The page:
The list goes on; Gold Coast woman Wendy Sleeman was found in the boot of a car in Brisbane on January 27, days after being reported missing. Her 30-year-old son, Slade Murdok, was charged with her murder, as well as one count each of unlawful stalking, burglary, assault occasioning bodily harm, kidnapping, attempted arson and unlawful use of a motor vehicle.

Fifty-three-year-old Maria Williams, an advocate for the homeless who gave evidence at a parliamentary inquiry last year, died after she was allegedly assaulted in Perth’s CBD on January 23. She was a proud Noongar elder, mother and grandmother.

The partner of 28-year-old Dayna Isaac was charged with murder after her body was found in a Western Sydney unit on January 16.

On January 4, 66-year-old Robert Karl Huber was charged with the murder of 64-year-old Lindy Lucena after her body was found with “significant head trauma” in an alleyway in Ballina in northern New South Wales.

Angie Fuller has been missing since January 9. The 30-year-old mother-of-two was last seen on the Tanami Road, about 15km west of the Stuart Highway in Alice Springs. Fifteen days after her disappearance, NT Police announced the case was being treated as a homicide investigation.

Two months on, and no arrests have been made.

Last October, the federal government released a national plan to end violence against women and children over the next 10 years.

According to Counting Dead Women, a project run by Destroy The Joint which is designed to be a national record of femicide, 18 women died in 2022 after the national plan was announced.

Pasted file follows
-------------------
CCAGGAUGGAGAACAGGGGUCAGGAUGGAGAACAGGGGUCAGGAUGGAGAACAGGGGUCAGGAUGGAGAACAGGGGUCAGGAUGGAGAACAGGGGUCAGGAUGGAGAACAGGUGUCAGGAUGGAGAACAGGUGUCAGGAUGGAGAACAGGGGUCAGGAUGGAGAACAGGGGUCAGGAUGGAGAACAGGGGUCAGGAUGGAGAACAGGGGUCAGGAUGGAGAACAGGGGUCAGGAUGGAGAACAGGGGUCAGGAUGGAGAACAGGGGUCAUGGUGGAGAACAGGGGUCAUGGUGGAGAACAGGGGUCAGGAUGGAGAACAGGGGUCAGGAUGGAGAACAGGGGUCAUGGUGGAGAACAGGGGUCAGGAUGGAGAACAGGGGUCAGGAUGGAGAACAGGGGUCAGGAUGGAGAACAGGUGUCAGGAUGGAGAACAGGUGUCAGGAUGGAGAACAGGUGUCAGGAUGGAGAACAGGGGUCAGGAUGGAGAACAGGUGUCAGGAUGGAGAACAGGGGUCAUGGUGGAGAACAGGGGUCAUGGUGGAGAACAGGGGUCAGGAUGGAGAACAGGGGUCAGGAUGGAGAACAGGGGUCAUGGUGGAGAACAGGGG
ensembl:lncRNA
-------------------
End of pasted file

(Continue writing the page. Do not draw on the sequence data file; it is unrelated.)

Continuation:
I know change can’t happen overnight, but it must be asked — what is our government doing to prevent the deaths of women now? We don’t have 10 years for violence against women and children to end.

More women will be killed in the coming weeks, if not days.

More people will be forced to live with the trauma of losing their mother, sister, aunt, cousin, grandmother or friend at the hands of men, or in violent circumstances, for the rest of their lives.

I will continue to cry with every article I write or read, and mourn the cruel, senseless death of a woman whose life was stolen.

I love my job, but the most distressing part of it is reporting on these deaths knowing there will be more. It feels like I’m screaming in a room full of people but no one is listening.

May is Domestic and Family Violence Prevention Month, and I know our leaders will release statements saying violence against women and children is inexcusable and won’t be tolerated.

But until they do something to stop this worsening crisis, they can keep their empty words.

Help is available.

If you require immediate assistance, please call 000.

If you’d like to speak to someone about domestic violence and violence against women, please call the 1800 Respect hotline on 1800 737 732 or chat online

Under 25? You can reach Kids Helpline at 1800 55 1800 or chat online.

If you’re in distress, please call Lifeline on 13 11 14 or chat online.

You can also get in touch with Headspace Yarn Safe online.

Or you can speak with your NACCHO community health service – find your local member online.